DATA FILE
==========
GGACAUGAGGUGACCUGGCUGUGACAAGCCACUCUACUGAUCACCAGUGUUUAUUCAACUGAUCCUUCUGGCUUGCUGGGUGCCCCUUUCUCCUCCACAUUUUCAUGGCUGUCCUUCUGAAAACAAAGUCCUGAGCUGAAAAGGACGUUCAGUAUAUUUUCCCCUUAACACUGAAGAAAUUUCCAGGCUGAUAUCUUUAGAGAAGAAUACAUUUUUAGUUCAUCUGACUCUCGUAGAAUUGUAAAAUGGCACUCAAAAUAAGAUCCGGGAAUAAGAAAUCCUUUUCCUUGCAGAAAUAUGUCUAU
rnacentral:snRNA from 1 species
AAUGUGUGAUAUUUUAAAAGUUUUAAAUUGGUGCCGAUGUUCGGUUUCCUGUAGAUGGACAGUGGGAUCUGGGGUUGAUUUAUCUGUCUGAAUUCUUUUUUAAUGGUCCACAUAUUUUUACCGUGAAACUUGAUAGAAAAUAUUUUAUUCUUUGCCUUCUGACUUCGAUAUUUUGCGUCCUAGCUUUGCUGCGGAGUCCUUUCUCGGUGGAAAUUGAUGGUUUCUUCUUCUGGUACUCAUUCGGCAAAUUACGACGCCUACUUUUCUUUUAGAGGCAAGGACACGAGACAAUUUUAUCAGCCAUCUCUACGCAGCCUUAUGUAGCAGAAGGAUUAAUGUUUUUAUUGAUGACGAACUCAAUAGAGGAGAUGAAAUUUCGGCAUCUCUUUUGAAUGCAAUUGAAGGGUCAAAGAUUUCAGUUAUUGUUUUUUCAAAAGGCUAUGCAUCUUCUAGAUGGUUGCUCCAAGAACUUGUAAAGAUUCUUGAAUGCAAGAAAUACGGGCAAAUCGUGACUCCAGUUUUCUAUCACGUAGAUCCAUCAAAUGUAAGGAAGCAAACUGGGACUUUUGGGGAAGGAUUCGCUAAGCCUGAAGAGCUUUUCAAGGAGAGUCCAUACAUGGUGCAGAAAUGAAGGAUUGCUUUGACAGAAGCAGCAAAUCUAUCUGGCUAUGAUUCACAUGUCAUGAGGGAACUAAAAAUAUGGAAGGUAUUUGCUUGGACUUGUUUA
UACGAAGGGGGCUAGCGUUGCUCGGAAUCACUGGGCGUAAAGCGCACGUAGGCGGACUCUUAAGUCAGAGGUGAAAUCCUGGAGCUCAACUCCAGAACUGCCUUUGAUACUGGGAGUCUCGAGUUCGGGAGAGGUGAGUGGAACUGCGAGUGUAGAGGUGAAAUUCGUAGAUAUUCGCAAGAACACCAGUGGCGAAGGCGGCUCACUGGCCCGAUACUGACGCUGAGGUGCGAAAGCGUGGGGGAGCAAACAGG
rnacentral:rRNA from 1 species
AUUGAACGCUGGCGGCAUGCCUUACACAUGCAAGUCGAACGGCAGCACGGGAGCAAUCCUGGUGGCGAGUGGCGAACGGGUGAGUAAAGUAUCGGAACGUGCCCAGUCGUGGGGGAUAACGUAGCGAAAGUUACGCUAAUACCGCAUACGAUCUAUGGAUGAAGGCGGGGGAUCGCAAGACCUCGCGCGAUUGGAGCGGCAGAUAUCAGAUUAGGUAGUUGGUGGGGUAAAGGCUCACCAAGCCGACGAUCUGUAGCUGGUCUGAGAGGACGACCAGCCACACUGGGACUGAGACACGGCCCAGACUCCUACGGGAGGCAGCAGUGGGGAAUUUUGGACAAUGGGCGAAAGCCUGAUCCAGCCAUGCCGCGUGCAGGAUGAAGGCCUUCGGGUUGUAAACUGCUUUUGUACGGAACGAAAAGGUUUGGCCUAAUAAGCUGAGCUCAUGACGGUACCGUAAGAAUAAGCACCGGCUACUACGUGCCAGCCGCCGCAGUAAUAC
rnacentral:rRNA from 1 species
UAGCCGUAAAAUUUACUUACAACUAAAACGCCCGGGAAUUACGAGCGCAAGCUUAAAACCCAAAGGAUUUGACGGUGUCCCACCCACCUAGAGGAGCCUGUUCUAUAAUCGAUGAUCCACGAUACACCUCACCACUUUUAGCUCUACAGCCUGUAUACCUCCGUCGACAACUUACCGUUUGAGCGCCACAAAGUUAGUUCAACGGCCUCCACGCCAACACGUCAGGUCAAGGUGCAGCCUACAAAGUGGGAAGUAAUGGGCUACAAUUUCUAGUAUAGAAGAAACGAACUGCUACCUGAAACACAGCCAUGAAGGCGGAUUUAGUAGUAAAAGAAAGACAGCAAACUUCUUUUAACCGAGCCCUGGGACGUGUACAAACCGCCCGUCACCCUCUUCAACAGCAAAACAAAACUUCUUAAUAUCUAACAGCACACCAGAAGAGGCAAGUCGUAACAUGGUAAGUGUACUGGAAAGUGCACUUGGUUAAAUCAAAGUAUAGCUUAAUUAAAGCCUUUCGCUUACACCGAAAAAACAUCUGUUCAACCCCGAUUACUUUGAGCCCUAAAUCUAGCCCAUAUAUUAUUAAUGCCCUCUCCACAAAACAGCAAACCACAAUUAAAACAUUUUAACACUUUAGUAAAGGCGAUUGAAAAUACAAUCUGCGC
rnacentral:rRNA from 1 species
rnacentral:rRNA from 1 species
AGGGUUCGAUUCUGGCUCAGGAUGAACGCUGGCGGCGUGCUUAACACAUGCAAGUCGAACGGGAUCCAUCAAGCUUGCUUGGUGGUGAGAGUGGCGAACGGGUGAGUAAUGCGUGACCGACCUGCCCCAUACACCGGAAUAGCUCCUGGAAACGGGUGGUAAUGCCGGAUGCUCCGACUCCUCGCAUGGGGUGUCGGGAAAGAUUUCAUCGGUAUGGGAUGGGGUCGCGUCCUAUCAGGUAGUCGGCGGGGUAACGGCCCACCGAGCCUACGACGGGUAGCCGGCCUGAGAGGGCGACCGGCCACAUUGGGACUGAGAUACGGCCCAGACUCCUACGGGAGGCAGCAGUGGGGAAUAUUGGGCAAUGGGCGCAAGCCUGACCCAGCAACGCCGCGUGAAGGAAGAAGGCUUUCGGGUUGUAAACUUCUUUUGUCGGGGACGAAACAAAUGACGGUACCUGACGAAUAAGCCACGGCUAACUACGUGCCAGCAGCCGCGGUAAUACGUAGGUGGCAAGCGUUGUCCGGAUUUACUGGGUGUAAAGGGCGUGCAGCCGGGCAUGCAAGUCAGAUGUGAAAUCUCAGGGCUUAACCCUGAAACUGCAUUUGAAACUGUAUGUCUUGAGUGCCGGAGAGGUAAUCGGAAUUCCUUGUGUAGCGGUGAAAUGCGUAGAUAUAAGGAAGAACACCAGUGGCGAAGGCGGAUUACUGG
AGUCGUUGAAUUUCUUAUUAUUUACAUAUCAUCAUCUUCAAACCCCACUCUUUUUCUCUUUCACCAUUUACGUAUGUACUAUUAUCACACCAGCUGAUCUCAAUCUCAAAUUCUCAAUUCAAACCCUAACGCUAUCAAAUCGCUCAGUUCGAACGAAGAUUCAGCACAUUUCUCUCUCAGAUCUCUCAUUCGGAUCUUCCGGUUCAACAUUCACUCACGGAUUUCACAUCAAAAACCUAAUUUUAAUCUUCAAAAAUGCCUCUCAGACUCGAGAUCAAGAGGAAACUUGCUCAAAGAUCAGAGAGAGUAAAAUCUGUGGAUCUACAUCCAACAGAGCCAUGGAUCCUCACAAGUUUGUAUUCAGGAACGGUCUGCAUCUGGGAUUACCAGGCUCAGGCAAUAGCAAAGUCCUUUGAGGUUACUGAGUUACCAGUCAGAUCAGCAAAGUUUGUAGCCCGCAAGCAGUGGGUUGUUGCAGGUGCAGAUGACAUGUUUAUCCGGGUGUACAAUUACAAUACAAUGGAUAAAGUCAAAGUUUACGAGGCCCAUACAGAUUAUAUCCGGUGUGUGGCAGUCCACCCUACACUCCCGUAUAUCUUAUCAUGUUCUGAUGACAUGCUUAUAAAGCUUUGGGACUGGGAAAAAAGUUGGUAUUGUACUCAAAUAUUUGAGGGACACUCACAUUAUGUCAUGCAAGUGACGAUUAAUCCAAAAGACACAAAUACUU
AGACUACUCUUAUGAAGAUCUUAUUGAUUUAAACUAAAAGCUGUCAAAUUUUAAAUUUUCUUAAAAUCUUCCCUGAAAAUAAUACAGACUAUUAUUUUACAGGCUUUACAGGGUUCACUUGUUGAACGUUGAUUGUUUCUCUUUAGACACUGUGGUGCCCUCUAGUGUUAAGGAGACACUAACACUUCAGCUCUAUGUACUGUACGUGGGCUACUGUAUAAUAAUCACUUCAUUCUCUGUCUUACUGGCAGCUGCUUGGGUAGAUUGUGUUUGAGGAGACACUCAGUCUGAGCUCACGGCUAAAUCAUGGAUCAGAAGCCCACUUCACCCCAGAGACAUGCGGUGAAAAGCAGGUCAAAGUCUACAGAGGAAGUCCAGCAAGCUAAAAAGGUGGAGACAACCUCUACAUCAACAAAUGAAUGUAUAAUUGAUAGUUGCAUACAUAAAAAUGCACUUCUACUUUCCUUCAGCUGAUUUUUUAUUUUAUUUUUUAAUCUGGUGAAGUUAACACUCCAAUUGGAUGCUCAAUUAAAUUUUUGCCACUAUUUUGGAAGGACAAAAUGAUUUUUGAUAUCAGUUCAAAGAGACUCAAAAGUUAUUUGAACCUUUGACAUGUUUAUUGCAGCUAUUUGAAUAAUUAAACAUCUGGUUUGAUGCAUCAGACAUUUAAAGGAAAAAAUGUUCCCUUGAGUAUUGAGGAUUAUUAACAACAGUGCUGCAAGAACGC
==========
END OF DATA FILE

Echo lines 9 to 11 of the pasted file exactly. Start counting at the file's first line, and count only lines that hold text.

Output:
rnacentral:rRNA from 1 species
rnacentral:rRNA from 1 species
AGGGUUCGAUUCUGGCUCAGGAUGAACGCUGGCGGCGUGCUUAACACAUGCAAGUCGAACGGGAUCCAUCAAGCUUGCUUGGUGGUGAGAGUGGCGAACGGGUGAGUAAUGCGUGACCGACCUGCCCCAUACACCGGAAUAGCUCCUGGAAACGGGUGGUAAUGCCGGAUGCUCCGACUCCUCGCAUGGGGUGUCGGGAAAGAUUUCAUCGGUAUGGGAUGGGGUCGCGUCCUAUCAGGUAGUCGGCGGGGUAACGGCCCACCGAGCCUACGACGGGUAGCCGGCCUGAGAGGGCGACCGGCCACAUUGGGACUGAGAUACGGCCCAGACUCCUACGGGAGGCAGCAGUGGGGAAUAUUGGGCAAUGGGCGCAAGCCUGACCCAGCAACGCCGCGUGAAGGAAGAAGGCUUUCGGGUUGUAAACUUCUUUUGUCGGGGACGAAACAAAUGACGGUACCUGACGAAUAAGCCACGGCUAACUACGUGCCAGCAGCCGCGGUAAUACGUAGGUGGCAAGCGUUGUCCGGAUUUACUGGGUGUAAAGGGCGUGCAGCCGGGCAUGCAAGUCAGAUGUGAAAUCUCAGGGCUUAACCCUGAAACUGCAUUUGAAACUGUAUGUCUUGAGUGCCGGAGAGGUAAUCGGAAUUCCUUGUGUAGCGGUGAAAUGCGUAGAUAUAAGGAAGAACACCAGUGGCGAAGGCGGAUUACUGG